We’ve said it before and we’ll say it again: we know that your uniform rental program is not your highest priority. That’s exactly why we’re here. We get it. We also know that the service design of the industry relies on this being the case. Your uniform rental invoices are confusing, volatile and difficult to manage due to hard to detect changes. More importantly, when changes do occur, it’s difficult to determine the true impact. Especially the long-term impact. When you get an invoice and all looks good, can you be so sure it’s oll korrect?

This post focuses on understanding the impact of cost neutral changes to your invoice. This occurs whenever an item or items get added or removed from service, and some other part of the invoice is tweaked in order to keep cost the same. For example, if you get a price increase on your shop towels, your driver might be able to square things with you by reducing the inventory a bit. While it sometimes can work in your favor in the short term, the adjustment can have a long-term effect that likely doesn’t benefit you.


Let’s look at a scenario that many customers are subject to, but often don’t notice. Whenever an employee stops using garments, that cost reduction can be mitigated by your provider increasing other parts of the invoice. Sometimes it’s just an adjustment to a single line. It may appear minor because the increase can be masked by the damage or loss charges due to the above mentioned reduction in garment inventory. The increase could also be spread among three or four lines that aren’t related. Like a slight bump in the maintenance rate. Maybe even just a penny, but on a maintenance line that penny could be a 25% increase. Did you just starting ruining 25% more garments? You won’t notice right away. See how it works?

When garment or non-garment inventories change, the volatility often masks the rate changes that might be occurring. Do you have the time to go x-ray every invoice? Don’t you think your provider knows that? Managing cost at the aggregate level does not optimize your cost cutting. If you’re trying to control cost by managing to significant deviations, then the small ones will likely fly under the radar. When those small changes keep sticking, your ability to mitigate increases diminishes.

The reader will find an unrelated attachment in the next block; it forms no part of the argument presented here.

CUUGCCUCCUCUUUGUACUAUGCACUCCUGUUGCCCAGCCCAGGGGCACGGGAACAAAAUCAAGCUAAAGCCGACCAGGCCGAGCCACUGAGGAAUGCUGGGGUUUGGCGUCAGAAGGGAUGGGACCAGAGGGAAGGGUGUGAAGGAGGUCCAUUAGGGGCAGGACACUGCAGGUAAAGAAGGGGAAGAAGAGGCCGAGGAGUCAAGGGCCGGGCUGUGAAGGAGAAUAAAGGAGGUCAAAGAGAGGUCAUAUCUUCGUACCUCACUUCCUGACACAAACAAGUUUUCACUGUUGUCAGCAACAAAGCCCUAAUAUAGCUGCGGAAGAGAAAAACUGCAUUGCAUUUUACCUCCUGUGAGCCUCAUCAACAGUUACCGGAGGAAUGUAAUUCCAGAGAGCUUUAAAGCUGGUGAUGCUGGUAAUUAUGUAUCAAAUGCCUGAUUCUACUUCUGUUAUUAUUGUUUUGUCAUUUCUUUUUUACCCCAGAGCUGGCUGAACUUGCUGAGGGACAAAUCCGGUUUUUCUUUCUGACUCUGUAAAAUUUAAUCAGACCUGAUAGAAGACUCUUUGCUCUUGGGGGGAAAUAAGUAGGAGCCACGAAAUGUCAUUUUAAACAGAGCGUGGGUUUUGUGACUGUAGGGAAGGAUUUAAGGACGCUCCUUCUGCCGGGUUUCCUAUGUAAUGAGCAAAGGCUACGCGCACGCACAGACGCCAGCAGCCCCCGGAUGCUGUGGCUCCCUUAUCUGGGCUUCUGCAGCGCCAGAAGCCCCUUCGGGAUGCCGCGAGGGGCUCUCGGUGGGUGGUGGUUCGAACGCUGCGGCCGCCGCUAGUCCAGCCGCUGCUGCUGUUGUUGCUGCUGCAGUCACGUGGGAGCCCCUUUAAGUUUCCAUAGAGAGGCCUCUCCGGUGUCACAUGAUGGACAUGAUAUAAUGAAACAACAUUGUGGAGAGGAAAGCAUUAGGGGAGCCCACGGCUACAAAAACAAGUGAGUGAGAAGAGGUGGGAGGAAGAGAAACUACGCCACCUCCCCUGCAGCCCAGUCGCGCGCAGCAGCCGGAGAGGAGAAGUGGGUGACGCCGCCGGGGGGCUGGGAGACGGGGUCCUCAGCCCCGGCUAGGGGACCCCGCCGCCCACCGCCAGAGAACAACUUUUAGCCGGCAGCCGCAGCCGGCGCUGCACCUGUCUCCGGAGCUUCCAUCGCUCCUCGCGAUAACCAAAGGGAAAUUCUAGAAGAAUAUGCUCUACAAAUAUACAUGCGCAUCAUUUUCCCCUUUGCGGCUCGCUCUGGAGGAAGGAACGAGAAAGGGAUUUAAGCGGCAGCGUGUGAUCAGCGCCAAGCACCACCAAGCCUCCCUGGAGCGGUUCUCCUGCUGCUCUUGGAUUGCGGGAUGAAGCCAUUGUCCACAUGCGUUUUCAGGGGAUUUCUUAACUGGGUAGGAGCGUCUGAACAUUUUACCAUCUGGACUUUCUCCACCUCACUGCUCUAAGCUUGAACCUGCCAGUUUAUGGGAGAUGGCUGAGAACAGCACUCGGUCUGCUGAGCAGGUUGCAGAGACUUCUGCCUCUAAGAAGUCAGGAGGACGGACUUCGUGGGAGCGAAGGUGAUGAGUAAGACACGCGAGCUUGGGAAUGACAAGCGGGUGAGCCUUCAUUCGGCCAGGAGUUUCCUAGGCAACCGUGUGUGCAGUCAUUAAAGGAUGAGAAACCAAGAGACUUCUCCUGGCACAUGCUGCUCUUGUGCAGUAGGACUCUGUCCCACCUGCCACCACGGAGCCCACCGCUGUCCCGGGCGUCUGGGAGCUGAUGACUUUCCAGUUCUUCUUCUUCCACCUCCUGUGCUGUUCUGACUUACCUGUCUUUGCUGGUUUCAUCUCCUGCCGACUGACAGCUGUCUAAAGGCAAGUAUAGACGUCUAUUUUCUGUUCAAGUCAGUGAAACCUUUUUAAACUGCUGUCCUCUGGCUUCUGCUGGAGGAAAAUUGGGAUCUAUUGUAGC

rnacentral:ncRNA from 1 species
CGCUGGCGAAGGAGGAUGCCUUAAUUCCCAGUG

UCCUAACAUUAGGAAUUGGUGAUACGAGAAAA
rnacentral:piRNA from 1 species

Rate increases that stick – because the invoice was paid and the change was “too small” to notice – become especially problematic because of their compounding nature. You end up getting future increases that are beyond what you had agreed to. Due to changing inventories, adding/removing employees, maintenance line changes and a myriad of other invoice shifts, calculating compliance of price increases is extremely difficult. The service design of your invoice and your services in general helps mask the actual rate of increase.

The best way to avoid unnecessary cost is to catch the changes when they happen, at the line level. It’s not just about contract compliance. It’s also about ensuring that you’re being invoiced for services and products that match your business requirements. Preventing non-compliant and unnecessary changes in real time is difficult, but it is possible. Trying to chase credits months after the fact is an exercise in futility.


An invoice that appears to mostly stay the same could actually hide cost cutting opportunities. Things may look okay at an aggregate level, but the concealing effect of a cost neutral adjustment simply means you could be overpaying without knowing you’re overpaying. It doesn’t have to be that way.